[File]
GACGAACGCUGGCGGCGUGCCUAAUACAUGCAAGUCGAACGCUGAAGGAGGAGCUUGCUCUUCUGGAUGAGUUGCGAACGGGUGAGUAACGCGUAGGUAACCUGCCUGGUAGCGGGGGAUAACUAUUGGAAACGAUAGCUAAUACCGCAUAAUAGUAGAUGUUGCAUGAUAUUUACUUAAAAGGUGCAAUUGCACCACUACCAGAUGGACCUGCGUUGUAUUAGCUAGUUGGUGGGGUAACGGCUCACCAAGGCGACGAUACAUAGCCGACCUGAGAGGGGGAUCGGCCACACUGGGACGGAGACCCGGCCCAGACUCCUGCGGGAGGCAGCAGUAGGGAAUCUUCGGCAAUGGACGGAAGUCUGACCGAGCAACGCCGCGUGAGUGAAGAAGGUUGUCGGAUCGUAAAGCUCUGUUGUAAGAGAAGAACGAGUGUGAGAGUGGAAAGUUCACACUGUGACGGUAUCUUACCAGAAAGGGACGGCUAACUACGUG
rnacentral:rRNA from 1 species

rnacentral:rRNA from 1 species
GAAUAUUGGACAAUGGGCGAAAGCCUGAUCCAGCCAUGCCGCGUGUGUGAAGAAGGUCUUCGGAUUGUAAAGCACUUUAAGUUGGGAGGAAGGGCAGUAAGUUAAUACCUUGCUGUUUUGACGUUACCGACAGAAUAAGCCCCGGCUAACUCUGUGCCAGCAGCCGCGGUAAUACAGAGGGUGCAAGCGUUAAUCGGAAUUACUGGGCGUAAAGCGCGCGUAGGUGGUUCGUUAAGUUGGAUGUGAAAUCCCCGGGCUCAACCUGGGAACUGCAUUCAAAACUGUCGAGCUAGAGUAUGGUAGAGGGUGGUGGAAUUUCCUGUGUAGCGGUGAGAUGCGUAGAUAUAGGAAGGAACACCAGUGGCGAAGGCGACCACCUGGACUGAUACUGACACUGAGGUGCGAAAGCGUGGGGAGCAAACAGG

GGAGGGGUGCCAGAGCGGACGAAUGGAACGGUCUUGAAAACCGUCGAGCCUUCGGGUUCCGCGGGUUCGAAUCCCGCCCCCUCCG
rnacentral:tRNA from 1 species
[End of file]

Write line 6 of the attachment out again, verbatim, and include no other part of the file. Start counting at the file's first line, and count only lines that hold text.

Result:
rnacentral:tRNA from 1 species